Last Updated on December 6, 2021
Preventing the rapid spread of infectious disease has rarely been more top of mind for caregivers than it is at this moment. Chances are, that’s going to continue in the months and years to come. But how can we fight viruses that seem to infect healthcare providers as readily as the patients they treat?
While there’s no magic bullet solution, there are a few tried-and-true resources to help make sure that, whether you’re working ER shifts or caring for a loved one at home, you remain as risk free as possible when treating highly infectious patients. Even when the current crisis passes, these steps are likely to endure as the new normal for many years to come.
How Can Caregivers HELP Reduce the Risk of Infection?
You already know the basics — clean your hands regularly, wear the appropriate personal protective equipment (PPE), stay at least 6 feet from others at all times. And you know equally well that, as a healthcare workers, you don’t always have the luxury of observing these basic rules, particularly when close-contact care is needed.
Yet even a small effort to meet these basic standards can have a tremendous effect, particularly when practiced en masse. “Appropriate hand hygiene is the number one measure to prevent contracting and passing infectious pathogens,” as the experts at RegisteredNursing.org observe.
“Studies have shown that institutions that educate nurses on basic hand hygiene and require a demonstrated competency have the least amount of hospital acquired infections and illness to staff.”
Beyond keeping your distance when possible and keeping those hands scrubbed at all times, it’s also important to get as up to speed as you can with your facility’s policies for treating patients who may be positive for COVID-19 or other infectious diseases.
You also need to know how to access protective equipment at your facility at all times, knowing that every organization and sometimes department has different processes and forms required to use basic PPE like masks, gowns, gloves and goggles. Get your mask size updated, if it’s been a while — and definitely if you’ve recently changed hairstyles.
- PPE must be worn correctly as each situation or disease warrants and must always be donned prior to exposure with patients. If in doubt, consult this infographic from the Centers for Disease Control & Prevention (CDC) — and share it at your facility, if you think it’ll help.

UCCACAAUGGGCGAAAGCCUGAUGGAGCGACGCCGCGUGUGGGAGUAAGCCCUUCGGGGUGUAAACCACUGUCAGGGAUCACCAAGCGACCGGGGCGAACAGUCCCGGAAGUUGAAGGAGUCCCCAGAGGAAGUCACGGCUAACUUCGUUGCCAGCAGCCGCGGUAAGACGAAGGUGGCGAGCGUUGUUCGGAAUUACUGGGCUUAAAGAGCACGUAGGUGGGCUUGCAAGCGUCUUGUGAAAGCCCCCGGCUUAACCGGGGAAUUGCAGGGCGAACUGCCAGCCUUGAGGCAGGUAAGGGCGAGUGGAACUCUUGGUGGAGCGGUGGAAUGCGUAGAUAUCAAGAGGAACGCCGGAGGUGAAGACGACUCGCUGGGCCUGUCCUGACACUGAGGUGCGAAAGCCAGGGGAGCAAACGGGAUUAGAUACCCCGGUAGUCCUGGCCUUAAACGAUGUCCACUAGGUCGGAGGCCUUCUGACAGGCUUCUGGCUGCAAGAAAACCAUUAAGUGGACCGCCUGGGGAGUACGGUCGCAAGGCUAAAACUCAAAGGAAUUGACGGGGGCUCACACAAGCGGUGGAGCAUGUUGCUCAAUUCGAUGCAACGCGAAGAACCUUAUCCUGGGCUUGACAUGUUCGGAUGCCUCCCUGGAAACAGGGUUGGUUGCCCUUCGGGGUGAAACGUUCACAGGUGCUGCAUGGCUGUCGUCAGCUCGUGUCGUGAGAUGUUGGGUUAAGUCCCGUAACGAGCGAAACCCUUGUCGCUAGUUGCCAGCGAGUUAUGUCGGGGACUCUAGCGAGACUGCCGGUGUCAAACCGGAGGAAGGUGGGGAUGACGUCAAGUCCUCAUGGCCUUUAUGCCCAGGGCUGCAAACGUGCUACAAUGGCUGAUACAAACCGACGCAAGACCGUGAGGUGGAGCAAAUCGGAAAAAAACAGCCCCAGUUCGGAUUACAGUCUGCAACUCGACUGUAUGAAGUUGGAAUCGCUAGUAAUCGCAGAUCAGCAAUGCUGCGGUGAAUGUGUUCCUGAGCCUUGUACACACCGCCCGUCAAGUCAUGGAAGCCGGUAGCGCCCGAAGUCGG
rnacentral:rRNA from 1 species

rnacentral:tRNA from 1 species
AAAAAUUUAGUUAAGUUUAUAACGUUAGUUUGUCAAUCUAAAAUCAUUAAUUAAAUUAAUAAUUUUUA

It’s also a good idea to get yourself acquainted with each facility’s escalation procedures and protocol for testing, treatment, and even quarantine. You should know who to notify, and what to expect, if you think you’re showing signs of the virus or feeling ill for any reason.
Finally, don’t panic! Most facilities have well-tested policies in place for just this moment. They may be pushed to their limits in the months to come, but there’s no reason to doubt their effectiveness is bolstered by teamwork and love of our shared communities.
- To help move the needle farther towards “full safety,” some nurse organizations are alerting Congress to the need for greater availability to essential PPE. Registered nurses can join the American Nurses Association (ANA)’s call to Congress here.
For more resources on the day-to-day progress of the COVID-19 coronavirus, check out The World Health Organization (WHO)’s live updates and The Joint Commission’s Infection Prevention and Control resources. For a frequently updated international assessment, check out this country-by-country coronavirus tracker at worldometers.info.
We Take Care of Our Workers.
Another way to reduce risk of infection during your next assignment: The unpredictable and rapid spread of COVID-19 has shown that quarantines can happen suddenly and without warning; if that presents a financial concern, consider enlisting with a staffing provider who offers quarantine compensation for up to 14 days.
At CareerStaff, we take care of our workers. We know how important you are, and we’re careful to keep you healthy during the course of your assignment. That includes making sure you have the equipment and info you need, as well as strict policies to prevent infection and the assurance of quarantine reimbursement.
And if you’re willing to take the fight on the road, we can also connect you with assignments in locations struggling to treat COVID-19 patients. Because the need has become so serious, nurses and clinicians in good standing can work in any state, so your license is good anywhere in the U.S. you want to work. .